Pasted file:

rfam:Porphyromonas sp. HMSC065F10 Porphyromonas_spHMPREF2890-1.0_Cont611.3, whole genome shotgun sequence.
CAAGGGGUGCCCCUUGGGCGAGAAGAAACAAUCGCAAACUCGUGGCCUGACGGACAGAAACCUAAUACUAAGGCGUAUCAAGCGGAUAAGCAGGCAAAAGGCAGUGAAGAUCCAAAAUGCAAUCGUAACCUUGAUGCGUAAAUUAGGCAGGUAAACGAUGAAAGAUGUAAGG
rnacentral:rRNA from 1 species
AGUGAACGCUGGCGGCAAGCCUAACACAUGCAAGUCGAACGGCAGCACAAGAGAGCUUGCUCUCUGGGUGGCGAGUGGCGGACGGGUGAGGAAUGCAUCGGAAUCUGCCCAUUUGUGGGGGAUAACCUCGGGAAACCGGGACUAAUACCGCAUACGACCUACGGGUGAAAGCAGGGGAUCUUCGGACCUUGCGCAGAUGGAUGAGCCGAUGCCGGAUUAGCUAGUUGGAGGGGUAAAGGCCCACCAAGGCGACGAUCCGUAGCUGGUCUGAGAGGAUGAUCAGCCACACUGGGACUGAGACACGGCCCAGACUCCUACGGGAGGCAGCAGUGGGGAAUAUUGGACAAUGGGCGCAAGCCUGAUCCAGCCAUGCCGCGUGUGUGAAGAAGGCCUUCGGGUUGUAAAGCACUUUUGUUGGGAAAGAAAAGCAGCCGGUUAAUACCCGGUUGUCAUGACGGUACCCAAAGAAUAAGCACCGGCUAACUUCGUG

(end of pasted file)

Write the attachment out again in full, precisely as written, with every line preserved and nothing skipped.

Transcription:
rfam:Porphyromonas sp. HMSC065F10 Porphyromonas_spHMPREF2890-1.0_Cont611.3, whole genome shotgun sequence.
CAAGGGGUGCCCCUUGGGCGAGAAGAAACAAUCGCAAACUCGUGGCCUGACGGACAGAAACCUAAUACUAAGGCGUAUCAAGCGGAUAAGCAGGCAAAAGGCAGUGAAGAUCCAAAAUGCAAUCGUAACCUUGAUGCGUAAAUUAGGCAGGUAAACGAUGAAAGAUGUAAGG
rnacentral:rRNA from 1 species
AGUGAACGCUGGCGGCAAGCCUAACACAUGCAAGUCGAACGGCAGCACAAGAGAGCUUGCUCUCUGGGUGGCGAGUGGCGGACGGGUGAGGAAUGCAUCGGAAUCUGCCCAUUUGUGGGGGAUAACCUCGGGAAACCGGGACUAAUACCGCAUACGACCUACGGGUGAAAGCAGGGGAUCUUCGGACCUUGCGCAGAUGGAUGAGCCGAUGCCGGAUUAGCUAGUUGGAGGGGUAAAGGCCCACCAAGGCGACGAUCCGUAGCUGGUCUGAGAGGAUGAUCAGCCACACUGGGACUGAGACACGGCCCAGACUCCUACGGGAGGCAGCAGUGGGGAAUAUUGGACAAUGGGCGCAAGCCUGAUCCAGCCAUGCCGCGUGUGUGAAGAAGGCCUUCGGGUUGUAAAGCACUUUUGUUGGGAAAGAAAAGCAGCCGGUUAAUACCCGGUUGUCAUGACGGUACCCAAAGAAUAAGCACCGGCUAACUUCGUG